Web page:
Graham Reid | | 1 min read
Nominally a blues singer, Sayed Sabrina has been a hard-livin' woman (sleeping rough, juvenile hall, young mother) and was a product of the LA post-punk scene.
Nominated for a best new artist at this year's Independent Blues Awards in the US for this album (after four albums, she tartly notes), Sabrina certainly brings something assertive to her wordy songs which are delivered with a band of horns.
But it's hard to locate her on any spectrum.
She's averse to how she has been identified: “More like a singer that knows what it’s like to have the blues. I like emotionally driven music.”
There's no doubt she throws herself and her remarkably powerful voice into these mostly uptempo blues-rock and funk-rock songs, something akin to Grace Slick channeling Janis Joplin and Toni Childs at the same time.
But it's only when she steps back from that position as on the slower Into the Mouth of the Serpent, the socio-political Home is in Your Head (with a reggae lope) and Ghosts in the final third here that we really get a clearer sense of who she is as a sensitive artist and activist.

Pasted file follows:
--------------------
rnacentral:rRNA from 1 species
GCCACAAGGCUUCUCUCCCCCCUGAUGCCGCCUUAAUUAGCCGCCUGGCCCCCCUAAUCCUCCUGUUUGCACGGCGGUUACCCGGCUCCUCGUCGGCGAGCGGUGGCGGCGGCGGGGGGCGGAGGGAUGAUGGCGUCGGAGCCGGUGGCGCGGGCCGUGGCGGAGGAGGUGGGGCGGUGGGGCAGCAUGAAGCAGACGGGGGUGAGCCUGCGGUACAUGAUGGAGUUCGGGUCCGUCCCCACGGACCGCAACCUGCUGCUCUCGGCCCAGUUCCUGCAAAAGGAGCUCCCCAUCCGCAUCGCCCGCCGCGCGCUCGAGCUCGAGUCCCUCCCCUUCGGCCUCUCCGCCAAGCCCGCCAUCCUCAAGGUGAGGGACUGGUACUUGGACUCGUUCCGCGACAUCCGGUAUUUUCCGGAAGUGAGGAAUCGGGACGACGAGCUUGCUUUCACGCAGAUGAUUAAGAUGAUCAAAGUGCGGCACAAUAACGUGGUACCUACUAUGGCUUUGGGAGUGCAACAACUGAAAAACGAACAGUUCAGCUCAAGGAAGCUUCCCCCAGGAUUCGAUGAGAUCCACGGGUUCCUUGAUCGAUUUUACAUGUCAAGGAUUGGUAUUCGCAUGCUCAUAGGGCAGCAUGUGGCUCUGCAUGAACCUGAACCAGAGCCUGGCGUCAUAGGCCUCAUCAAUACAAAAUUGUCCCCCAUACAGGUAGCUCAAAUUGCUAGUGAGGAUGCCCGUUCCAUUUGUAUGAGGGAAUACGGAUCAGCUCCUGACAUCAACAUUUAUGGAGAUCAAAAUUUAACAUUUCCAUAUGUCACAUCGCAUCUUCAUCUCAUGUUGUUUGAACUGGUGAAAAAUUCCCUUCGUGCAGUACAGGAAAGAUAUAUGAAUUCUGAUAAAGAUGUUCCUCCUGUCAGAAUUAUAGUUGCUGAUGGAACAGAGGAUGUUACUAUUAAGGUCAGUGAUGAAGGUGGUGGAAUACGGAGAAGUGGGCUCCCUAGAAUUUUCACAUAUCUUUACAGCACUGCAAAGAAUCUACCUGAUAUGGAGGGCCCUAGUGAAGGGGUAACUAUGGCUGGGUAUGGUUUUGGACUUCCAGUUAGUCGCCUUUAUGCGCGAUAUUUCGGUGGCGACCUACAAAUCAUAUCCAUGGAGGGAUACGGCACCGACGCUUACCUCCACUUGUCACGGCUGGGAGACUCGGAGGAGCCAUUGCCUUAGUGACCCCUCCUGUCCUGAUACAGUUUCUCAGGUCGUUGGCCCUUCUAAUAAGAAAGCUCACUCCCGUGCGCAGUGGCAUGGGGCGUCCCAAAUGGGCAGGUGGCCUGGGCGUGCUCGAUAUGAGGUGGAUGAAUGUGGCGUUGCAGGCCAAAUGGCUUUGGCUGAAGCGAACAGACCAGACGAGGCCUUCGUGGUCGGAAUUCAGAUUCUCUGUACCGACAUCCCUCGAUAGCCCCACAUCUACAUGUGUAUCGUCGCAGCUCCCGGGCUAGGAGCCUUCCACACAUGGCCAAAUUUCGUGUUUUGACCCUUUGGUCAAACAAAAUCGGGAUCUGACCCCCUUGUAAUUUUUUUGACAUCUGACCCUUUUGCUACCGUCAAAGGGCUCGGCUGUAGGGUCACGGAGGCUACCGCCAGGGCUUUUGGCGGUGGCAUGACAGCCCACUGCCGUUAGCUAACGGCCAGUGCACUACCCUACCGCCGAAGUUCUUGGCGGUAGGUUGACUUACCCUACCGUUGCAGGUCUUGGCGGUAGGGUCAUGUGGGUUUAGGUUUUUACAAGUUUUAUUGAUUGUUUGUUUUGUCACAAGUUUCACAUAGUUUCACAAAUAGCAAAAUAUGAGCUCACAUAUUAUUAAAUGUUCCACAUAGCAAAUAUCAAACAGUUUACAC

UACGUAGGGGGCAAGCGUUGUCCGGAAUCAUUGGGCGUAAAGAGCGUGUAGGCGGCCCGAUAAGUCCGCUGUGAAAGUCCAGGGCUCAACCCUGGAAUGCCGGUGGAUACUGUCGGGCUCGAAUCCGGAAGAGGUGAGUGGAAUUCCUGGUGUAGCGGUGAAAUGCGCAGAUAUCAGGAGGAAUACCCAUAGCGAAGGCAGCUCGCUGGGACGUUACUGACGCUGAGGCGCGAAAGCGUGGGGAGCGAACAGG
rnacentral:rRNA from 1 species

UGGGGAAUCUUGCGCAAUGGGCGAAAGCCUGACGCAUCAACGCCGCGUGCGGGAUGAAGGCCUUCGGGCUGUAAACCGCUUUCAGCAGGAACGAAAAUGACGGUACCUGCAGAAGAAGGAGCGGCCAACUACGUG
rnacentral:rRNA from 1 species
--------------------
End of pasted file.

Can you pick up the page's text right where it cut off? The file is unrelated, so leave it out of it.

The Grand Illusion right at the end is fine piece of moody sax, disturbing rhythms and her twisting vocal.
Before these however Sabrina roars and soars and one song after another hits a similar wavelength in material which rarely bothers with niceties like a distinctive chorus.
The rocking Pedestrian which opens things is a terrific rock song with a touch of offbeat funk behind her declamatory lyrics, but something like The Devil and the Good Lord is a shapeless thing which doesn't quite decide what it should be.
And just too often you hear the power and range of her distinctive voice being showcased at the expense of musical focus which would allow her to get across those important if diffuse messages she wants to convey.
Good band though.
Not the easiest of albums and hard to get a decent grasp on what it is . . . until the final third.
You can heard this album at Spotify here.